You should also look for store brand products, rather than major brands, as they are almost always cheaper, while still offering the same quality!
Shop in season. Fruits and vegetables are far more affordable in season than when buying out of season so keep this in mind when planning your family meals. You should also consider shopping in the evenings as many stores will reduce the cost of perishable items before closing as well as on weekends.
Think about your buying habits. Do you visit the supermarket several times a week? Do you buy more than you plan to? Planning meals and thinking ahead will reduce unnecessary spending, and help your family get into a healthy routine where you not only eat better - but it costs less!
Apart from your family's grocery bill, consider other ways that you can save money, such as by shopping at bargain shops, dollar stores and farmers markets. Not only will you be doing your part to recycle, and contribute to local businesses, but you'll be able to save money in areas that you never even thought about!
If you have school age children, consider buying school supplies off-season. You'll find that school supplies are much more affordable in summer months than in the fall. Consider shopping at outlet malls. Not only are they are more affordable but they often carry the same styles and fashions as the larger malls!
Take a good look at all of your household expenses. Is your power bill higher than usual? Turn off appliances when not in use, and pay more attention to what is running throughout the day. Consider replacing your lights with fluorescent lamps as they consume less energy while providing the same amount of lighting. Take inventory of your appliances and plumbing. Are there pipes leaking that are causing your water bill to soar? Are you losing heat due to poor insulation? Your goal to save should begin by surveying your household.
You'd be surprised at just how many small changes you can make that yield big results!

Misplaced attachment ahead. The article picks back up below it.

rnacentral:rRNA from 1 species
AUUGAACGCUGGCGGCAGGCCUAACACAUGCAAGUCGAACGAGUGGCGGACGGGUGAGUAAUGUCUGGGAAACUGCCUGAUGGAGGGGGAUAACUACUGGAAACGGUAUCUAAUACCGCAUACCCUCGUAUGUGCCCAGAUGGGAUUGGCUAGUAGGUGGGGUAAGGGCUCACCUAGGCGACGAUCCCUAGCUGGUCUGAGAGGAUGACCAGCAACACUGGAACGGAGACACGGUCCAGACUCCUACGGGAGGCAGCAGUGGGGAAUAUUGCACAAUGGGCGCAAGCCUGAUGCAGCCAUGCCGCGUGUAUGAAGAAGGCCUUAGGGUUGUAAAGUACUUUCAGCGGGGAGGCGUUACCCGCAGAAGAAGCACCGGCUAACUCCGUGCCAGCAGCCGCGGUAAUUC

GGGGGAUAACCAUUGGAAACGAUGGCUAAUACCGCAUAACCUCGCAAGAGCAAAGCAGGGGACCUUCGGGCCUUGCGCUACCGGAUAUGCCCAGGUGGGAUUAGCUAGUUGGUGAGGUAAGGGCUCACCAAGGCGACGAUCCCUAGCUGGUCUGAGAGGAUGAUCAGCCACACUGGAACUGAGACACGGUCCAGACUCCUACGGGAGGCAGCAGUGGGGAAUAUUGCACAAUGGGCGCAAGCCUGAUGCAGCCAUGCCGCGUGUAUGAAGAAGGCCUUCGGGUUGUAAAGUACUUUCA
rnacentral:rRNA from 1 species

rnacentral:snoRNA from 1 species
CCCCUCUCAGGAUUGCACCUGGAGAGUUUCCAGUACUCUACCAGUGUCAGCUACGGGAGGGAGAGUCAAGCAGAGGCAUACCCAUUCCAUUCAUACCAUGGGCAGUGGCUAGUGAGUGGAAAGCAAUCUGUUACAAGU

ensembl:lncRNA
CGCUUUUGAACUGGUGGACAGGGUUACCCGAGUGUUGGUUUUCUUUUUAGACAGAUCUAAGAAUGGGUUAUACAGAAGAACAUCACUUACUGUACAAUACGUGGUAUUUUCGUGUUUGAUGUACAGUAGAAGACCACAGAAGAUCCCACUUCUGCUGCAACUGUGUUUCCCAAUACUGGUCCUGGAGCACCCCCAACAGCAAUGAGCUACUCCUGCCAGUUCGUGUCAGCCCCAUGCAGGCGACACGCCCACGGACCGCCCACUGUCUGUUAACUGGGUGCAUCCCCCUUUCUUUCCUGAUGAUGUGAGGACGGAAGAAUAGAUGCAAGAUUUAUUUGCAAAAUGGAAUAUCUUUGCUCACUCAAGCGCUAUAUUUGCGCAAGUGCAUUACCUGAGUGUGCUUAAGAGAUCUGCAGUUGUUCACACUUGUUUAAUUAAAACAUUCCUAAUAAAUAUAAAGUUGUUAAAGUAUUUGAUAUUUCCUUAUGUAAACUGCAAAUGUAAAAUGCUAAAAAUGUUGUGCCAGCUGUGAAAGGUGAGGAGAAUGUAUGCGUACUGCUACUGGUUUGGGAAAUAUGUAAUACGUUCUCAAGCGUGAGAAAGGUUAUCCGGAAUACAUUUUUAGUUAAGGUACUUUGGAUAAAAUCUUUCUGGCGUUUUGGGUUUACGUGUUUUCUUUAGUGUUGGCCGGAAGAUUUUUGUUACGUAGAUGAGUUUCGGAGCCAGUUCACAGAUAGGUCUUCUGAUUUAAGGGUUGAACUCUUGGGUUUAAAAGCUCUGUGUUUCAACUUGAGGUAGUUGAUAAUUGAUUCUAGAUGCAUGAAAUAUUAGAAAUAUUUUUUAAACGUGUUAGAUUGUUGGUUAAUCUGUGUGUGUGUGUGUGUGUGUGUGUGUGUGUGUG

Evaluating Your Spending by Homer Livez
For most of us, we're living on a fixed income where we know what to expect with each paycheck each month, and if that's the case with you, you'll find it much easier to strategically develop a budget plan for your family.
If you are an entrepreneur or working in a job where your income fluctuates, you can still develop a budget but you'll need to make sure it accommodates any possible decrease in income each month.
The first step in developing a budget is to take stock of your fiscal situation. Assess exactly where you are in your financial life, taking inventory of all expenses on a month-to-month basis.
When you begin to list the different expenses you have, you'll gain a better idea as to how you need to better manage your money, while identifying potential ways of saving a bit of money each month.
Remember, you don't have to save hundreds a month, but instead, work within a budget that helps you pay the bills, while putting a little aside every month. It will add up quickly.
When evaluating your expenses and spending, you need to begin by writing down your bills but make sure you also analyze bank statements and credit card accounts. You want to keep an eye out on "casual spending" where you are spending money on places that aren't really necessary.
Budgeting begins with self-evalating your own spending, and then taking a closer look at your monthly bills to determine whether there are ways of consolidating your expenses to make it more manageable for your family.
When going through your expenses and identifying key areas where you can save money, be sure to include a detailed list that segments your spending into categories.